Your dentist will undoubtedly tell you that prevention is better than a cure when it comes to the degradation and possible loss of your natural teeth. While you might practise impeccable dental hygiene, a tooth can still be lost or damaged in an accident, so that cure might still be necessary despite your best efforts. While a missing tooth can be "cured" by a contemporary dental implant, it's interesting to note that early dentists have been attempting to do the same thing for centuries now. And it might also be possible that contemporary dental implants might become outdated. So what about the history, the present, and the future of replacing missing teeth?
Replacing missing or damaged teeth is not a new concept. The best-preserved example was discovered at Playa de los Muertos (Beach of the Dead) in Honduras. During excavation work in the late 1920s and early 1930s, Dorothy Popenoe and her husband Wilson discovered bone fragments dating back to between the 7th and 8th centuries. Amongst these discoveries was a jaw bone where three specially cut pieces of shell were used to replace missing incisor teeth. The fact that the shells were still lodged in the bone showed that the prosthetic teeth (the shells) could be considered to be a very early type of dental implant. Of course, dental implants have (mercifully) come a long way since then.
A missing or significantly damaged tooth can be replaced with a dental implant. The implant is not the prosthetic tooth itself, but is in fact the metal bolt (generally made of titanium due to its hypoallergenic qualities) that is implanted into your jaw. A process known as osseointegration (wherein the organic tissues in your jaw fuse to the implant) needs to occur before further work can commence, which involves the fitting of an abutment to the top of the implant, which is then capped with the prosthetic tooth. Dental implants are designed with longevity in mind, but with the creation of the prosthetic tooth, along with the implant procedure and the time needed for osseointegration, a dental implant can require a commitment in both time and cost. However, the permanence of the end result can make it an extremely worthwhile investment. But will the dental implant ever be superseded by a more advanced method?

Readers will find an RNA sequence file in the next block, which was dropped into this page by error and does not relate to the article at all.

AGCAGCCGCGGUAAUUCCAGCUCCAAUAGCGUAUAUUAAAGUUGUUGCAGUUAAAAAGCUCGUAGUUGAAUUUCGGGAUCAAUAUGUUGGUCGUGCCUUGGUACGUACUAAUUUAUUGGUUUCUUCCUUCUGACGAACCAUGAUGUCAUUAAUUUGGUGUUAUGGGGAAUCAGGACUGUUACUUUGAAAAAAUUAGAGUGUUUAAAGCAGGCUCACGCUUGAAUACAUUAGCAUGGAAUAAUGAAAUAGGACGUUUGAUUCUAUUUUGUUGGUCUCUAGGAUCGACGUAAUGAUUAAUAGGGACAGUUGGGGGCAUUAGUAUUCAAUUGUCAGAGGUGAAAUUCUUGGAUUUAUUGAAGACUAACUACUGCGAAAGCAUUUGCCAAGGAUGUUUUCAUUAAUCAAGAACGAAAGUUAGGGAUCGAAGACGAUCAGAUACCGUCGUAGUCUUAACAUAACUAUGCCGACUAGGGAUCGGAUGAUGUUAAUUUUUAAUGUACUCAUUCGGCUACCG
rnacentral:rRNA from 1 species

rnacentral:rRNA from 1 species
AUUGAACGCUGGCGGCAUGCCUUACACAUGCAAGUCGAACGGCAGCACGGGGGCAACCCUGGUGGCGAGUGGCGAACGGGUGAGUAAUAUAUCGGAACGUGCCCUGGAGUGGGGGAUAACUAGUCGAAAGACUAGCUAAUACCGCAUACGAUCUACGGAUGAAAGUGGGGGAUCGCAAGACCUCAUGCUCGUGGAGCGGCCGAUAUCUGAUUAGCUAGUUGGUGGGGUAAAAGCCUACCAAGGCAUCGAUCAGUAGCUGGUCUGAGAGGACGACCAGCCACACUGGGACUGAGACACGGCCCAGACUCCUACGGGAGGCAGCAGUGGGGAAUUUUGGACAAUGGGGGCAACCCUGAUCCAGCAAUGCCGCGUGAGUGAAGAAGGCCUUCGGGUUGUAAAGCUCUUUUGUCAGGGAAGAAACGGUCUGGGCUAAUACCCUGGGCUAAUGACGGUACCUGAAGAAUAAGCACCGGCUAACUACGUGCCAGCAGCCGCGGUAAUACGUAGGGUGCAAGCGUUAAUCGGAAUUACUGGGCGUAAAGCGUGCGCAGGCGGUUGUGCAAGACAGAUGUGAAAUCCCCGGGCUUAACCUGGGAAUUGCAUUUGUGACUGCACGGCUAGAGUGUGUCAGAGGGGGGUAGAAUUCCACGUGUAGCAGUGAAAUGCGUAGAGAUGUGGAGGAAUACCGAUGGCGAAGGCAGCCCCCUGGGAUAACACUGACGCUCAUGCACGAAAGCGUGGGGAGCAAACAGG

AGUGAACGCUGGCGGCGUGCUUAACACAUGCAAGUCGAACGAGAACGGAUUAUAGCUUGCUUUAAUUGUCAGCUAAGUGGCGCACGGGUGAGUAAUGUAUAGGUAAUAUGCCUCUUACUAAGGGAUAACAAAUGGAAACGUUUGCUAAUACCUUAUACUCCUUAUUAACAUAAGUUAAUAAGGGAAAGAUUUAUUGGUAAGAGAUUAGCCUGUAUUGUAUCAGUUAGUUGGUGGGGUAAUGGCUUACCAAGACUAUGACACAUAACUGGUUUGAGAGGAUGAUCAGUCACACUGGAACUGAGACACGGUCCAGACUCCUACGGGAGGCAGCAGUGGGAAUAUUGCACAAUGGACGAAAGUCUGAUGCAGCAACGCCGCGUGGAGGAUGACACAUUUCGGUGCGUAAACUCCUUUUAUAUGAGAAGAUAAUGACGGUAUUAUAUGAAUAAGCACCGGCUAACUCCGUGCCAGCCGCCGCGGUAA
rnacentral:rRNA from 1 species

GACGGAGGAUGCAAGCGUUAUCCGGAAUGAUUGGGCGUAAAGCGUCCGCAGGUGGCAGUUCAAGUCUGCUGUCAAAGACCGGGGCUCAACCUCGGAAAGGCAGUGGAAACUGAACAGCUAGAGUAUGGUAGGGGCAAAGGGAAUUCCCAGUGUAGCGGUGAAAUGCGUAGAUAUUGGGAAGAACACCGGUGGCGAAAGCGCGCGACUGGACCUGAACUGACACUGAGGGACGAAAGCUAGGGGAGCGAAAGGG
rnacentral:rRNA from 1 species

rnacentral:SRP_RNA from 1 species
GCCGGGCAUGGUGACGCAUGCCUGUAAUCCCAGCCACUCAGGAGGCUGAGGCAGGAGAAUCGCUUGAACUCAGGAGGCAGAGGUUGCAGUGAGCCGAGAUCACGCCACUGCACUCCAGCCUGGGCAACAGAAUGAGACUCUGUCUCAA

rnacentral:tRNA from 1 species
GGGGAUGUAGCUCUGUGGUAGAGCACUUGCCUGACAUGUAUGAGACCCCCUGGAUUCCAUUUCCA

Partial teeth, which can be considered to be individual teeth that have degraded due to periodontal disease or an accident resulting in significant cavities or chips (missing sections) could potentially be regrown. Preliminary research has led to the discovery that a medication developed for the treatment of Alzheimer's disease can stimulate dentin production that would not have otherwise occurred. The result is somewhat comparable to the open-rooted (continually growing) teeth that can be found in rodents and rabbits. Ongoing dentin production means that the teeth grow for the duration of the animal's lifetime (which is why they need to keep them at a manageable length by gnawing on suitable materials). An application of the Alzheimer's drug in question (known as Tideglusib) partially replicates this process, although it doesn't result in unchecked growth as human teeth are not open-rooted. The tooth would simply regrow to its former size and shape. Practical implementation of this research might be some time away, and yet this triggered regeneration could have tremendous benefits.
It would be fascinating if humans were one day able to regrow their own teeth. Still, dental implants are an extremely efficient solution until then. And at least you don't have to have pieces of shell jammed into your jaw!